The other chapters in the book, in addition to Construction, which only has the one project, are: Building, with eight buildings, most of them completed in 2012 and 2013, and documented through photographs and brief text; Project, which has five projects briefly explained through renderings; and Drawing and Detail, which has construction documents (plans, sections, details, etc.) for nine projects, seven of them from the Building chapter. Drawing and Detail is easily the most valuable part of the book for architects, since it includes the types of drawings and information that are otherwise overlooked in monographs. It's great to see, for example, sections through the "blob" inside the boxy EUR project, even if the individual sections are at a small scale (below). Since the drawings reference the built work at the front of the book, other architects can grasp how the projects moved from drawing to building, one thing that makes this book an appealing one, especially for fans of Fuksas's style-free architecture.

Tuesday, 19 May 2015

What's that ↑ up there?

Unless you're reading this post on a mobile device or in your email browser, you're seeing a new widget with three images tucked between the title atop the blog and this post below it. This widget features three recent posts from the World-Architects Daily News, where I am Editor in Chief. Given that a good deal of my time during the day is spent adding posts to the Daily News, I felt it would be good to highlight some of them and this widget seems like a good way to do it.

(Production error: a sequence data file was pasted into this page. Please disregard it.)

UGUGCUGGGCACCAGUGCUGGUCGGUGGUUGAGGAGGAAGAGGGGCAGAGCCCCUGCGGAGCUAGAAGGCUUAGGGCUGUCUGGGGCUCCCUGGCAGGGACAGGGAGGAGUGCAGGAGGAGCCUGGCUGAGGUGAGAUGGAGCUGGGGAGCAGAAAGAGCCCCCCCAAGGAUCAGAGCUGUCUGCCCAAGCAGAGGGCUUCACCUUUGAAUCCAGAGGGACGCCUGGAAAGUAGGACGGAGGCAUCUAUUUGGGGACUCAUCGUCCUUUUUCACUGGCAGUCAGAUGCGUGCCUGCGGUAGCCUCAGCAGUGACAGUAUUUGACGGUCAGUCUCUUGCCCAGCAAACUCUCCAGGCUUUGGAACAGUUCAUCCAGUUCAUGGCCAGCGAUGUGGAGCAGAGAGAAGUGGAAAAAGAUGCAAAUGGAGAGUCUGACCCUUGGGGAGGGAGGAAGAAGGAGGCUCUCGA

So click on the images to see the Headlines, Films, Products, Insights, and other features over at the World-Architects Daily News.

Today's archidose #838

Here are some photos of the Nouveau Stade de Bordeaux (2015) in Bordeaux, France, by Herzog & de Meuron, photographed by JP2H.

Nouveau Stade de Bordeaux

Nouveau Stade de Bordeaux

Nouveau Stade de Bordeaux

Nouveau Stade de Bordeaux

Nouveau Stade de Bordeaux

Nouveau Stade de Bordeaux

Nouveau Stade de Bordeaux

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Sunday, 17 May 2015

Book Review: The Japanese House Reinvented

The Japanese House Reinvented by Philip Jodidio
Monacelli Press, 2015
Hardcover, 288 pages

In the introduction to Philip Jodidio's new book highlighting fifty recent Japanese houses, the author mentions that Japan and the United States share a preference for single-family houses over apartments. While not a surprising statement, the similarities end there, since each country's geography, culture, economics and other factors have created widely divergent contemporary designs. Japan, in particular, is full of houses that scream "Japan," most of them found in the tight confines of Tokyo, like the project gracing the cover (Atelier Tekuoto's "Monoclinic"). But, as Jodidio's selection of houses shows, there is more to single-family residential architecture in Japan that idiosyncratic vertical houses in tight confines, even as some of those are found in these pages.